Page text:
Life. Oh Life. Many people disregard Desiree's 90s hit as the most pointless song ever written. It is an unfortunate comparison to draw, a somewhat frivolous and irrelevant song and Anton Corbijn's directed biopic 'Life', but let's be honest, I'd rather have had a piece of toast and watched the evening news.
The film follows a young James Dean (Dane DeHaan) just before the release of his first breakout role in 'East of Eden.' At a party, Dean strikes up a friendship with a somewhat uptight photographer, Dennis Stock (Robert Pattinson). The two form an unlikely friendship that leads to the iconic photo spread that eventually graces the pages of the magazine Life (hence the name of the film).
It is so hard to act as someone so recognisable, so iconic and so unique that poor DeHaan must have been incredibly intimidated by this starring role. It's hard to watch for the first part, his slow soft way of talking almost caricaturises Dean, making him seem like that one kid we all knew growing up who pretended to read the classics or poetry just to seem cool and for nothing beyond that. He is portrayed as the rebellious actor that we are all familiar with, but in 'Life' he seems more obnoxious than anything else, also much like that kid we all knew growing up. The make-up is heavy and the wigs only ever really look like wigs, only furthering his caricaturisation.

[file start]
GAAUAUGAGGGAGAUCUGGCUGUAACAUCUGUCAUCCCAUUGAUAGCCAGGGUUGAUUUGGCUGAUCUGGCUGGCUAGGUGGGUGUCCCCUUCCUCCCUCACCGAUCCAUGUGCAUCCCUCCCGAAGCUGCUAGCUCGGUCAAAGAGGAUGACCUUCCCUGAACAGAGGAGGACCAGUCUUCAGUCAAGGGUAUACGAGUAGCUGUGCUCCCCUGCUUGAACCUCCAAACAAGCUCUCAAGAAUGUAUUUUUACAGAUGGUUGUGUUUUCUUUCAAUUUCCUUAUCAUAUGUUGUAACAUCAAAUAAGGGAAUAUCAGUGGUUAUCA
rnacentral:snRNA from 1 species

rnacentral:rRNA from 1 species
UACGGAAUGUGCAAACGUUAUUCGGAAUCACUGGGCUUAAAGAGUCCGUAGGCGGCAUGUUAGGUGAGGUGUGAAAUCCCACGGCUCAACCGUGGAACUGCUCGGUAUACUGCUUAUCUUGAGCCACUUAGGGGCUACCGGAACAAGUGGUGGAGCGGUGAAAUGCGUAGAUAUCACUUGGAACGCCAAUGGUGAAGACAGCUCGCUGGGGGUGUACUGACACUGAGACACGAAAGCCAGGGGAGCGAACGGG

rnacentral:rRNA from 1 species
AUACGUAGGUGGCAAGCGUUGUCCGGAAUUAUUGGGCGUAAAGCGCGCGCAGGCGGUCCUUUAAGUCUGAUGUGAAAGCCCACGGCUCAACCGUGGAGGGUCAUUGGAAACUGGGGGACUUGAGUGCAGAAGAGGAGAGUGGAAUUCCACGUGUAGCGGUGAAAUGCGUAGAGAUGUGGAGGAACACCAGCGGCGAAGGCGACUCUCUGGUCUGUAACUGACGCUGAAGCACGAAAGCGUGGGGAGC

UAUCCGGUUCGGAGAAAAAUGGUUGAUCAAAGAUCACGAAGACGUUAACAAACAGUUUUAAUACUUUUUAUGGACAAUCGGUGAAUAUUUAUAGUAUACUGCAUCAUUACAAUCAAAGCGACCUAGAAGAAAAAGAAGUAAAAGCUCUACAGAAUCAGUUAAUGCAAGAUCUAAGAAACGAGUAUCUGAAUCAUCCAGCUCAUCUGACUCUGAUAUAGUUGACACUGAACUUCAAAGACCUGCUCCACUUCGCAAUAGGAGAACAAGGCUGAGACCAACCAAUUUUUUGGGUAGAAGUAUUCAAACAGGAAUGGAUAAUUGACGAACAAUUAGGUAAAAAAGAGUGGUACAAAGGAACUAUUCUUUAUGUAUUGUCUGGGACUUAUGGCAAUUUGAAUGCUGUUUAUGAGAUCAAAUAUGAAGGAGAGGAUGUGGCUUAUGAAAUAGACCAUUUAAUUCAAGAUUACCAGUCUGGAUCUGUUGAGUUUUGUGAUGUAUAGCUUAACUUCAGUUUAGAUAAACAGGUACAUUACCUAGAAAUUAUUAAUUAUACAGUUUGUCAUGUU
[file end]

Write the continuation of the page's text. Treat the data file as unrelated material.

The relationship between the uptight Stock and the laid-back and almost carefree Dean seems to have been sanitised. During their first interactions, it seems like we're about to witness a blossoming love story - a hidden love, but a love nonetheless. The sexual tension is rife throughout, and even prompted the lady next to me to ask in none too soft a voice "When are they going to kiss?" Not only did I chortle but I completely agreed. It would at least have given the film some edge. Instead, we get a rather bland attempt at showing how some of the most iconic images of Dean were created.
The relationship between the uptight Stock and the laid-back and almost carefree Dean seems to have been sanitised.
These photos are amazing, there is no doubt about that. But the film was so long and the photography started to take such a back seat that the premise started to get lost in itself, and by the end of the film I was confused as to what it had set out to achieve. The final scene left everyone scratching their heads and wishing they (like the subject of the unstomachable poem) were able to find their own way home, if not be there already. 'Life', contrary to what we are all taught, isn't short. Get comfy - you're going to be here for a while, and by the end of it probably question why you stayed.